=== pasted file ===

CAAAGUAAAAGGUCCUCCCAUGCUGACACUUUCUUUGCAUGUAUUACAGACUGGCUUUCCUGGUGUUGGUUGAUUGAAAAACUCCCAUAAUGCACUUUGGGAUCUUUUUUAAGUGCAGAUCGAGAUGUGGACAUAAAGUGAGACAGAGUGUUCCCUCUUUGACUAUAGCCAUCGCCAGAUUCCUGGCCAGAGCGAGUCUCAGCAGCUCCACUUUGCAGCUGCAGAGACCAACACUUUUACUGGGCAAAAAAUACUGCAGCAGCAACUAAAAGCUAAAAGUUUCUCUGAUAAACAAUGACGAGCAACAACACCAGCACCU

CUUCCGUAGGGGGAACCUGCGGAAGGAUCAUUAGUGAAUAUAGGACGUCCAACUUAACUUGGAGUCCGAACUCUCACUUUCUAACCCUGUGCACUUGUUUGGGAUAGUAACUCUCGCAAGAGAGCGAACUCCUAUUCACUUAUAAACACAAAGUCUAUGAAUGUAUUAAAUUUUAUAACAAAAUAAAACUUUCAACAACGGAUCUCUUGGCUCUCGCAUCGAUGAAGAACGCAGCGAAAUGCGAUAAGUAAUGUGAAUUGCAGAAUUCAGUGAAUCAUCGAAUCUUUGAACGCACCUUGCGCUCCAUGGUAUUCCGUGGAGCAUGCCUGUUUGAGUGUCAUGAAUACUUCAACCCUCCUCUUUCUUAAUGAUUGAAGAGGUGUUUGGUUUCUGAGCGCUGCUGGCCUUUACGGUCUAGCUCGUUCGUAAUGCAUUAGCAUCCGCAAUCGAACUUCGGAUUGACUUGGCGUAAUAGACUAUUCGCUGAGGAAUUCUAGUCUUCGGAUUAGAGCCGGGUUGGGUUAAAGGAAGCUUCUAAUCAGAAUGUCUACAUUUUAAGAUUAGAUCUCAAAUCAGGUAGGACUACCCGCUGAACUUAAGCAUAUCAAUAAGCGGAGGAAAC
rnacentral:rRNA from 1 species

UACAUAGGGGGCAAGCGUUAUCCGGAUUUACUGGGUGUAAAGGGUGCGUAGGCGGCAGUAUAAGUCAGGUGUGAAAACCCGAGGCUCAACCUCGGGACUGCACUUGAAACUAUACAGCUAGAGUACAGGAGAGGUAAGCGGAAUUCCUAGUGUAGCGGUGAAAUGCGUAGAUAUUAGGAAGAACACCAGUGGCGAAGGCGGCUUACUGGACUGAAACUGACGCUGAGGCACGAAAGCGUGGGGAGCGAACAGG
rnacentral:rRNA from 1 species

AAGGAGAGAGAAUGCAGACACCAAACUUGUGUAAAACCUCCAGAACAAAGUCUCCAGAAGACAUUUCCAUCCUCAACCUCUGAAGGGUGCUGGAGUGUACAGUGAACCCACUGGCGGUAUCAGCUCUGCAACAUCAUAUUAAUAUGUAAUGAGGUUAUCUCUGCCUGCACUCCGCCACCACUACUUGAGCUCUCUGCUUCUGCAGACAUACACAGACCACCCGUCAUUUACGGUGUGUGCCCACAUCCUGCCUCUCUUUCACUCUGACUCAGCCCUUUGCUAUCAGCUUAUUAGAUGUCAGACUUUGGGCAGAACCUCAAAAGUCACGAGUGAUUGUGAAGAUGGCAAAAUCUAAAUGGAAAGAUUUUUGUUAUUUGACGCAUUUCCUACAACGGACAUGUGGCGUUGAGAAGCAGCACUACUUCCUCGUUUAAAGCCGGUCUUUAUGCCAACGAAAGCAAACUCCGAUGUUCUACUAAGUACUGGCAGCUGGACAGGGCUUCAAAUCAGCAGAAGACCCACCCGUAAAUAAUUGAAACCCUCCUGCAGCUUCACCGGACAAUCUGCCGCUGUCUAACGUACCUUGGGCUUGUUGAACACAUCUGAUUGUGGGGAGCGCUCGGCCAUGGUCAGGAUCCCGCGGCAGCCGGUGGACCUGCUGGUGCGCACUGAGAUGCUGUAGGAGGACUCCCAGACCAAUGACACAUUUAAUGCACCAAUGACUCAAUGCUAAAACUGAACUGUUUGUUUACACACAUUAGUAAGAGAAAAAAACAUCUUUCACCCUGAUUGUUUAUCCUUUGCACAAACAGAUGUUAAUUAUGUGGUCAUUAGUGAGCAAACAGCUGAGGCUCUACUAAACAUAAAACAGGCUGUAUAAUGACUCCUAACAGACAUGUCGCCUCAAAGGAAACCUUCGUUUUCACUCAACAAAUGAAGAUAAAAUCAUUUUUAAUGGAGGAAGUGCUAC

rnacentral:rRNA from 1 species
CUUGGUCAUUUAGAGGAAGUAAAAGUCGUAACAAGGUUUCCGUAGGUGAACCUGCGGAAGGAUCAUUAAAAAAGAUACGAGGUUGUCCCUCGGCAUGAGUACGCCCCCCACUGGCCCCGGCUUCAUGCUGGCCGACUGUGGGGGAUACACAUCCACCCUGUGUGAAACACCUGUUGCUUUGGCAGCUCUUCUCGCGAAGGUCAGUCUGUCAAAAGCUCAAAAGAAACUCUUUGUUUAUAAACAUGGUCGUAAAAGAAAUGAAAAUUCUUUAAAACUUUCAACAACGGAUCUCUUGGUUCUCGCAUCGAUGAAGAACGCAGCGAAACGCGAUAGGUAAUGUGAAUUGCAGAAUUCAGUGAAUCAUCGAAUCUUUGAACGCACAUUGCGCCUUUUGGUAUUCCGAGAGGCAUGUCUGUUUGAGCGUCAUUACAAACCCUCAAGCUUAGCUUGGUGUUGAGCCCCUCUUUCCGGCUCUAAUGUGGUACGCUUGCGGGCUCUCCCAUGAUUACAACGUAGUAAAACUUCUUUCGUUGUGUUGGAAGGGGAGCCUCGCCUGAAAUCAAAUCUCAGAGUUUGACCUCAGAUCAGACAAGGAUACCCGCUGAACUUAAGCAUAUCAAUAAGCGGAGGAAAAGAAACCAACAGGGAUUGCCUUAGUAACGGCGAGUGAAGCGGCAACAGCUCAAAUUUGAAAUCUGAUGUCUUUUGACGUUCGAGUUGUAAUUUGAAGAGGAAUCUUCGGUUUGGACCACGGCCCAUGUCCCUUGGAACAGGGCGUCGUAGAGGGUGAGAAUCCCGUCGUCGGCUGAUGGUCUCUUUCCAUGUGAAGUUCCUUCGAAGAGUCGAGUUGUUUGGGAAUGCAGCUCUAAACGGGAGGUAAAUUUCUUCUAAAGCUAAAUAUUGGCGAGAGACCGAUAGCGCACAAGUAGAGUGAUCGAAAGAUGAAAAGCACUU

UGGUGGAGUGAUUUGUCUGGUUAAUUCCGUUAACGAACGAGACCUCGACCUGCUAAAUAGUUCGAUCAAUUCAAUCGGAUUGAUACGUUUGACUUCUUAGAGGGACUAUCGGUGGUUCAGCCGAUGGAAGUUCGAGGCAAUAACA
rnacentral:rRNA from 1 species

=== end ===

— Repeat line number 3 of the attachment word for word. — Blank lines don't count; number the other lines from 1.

rnacentral:rRNA from 1 species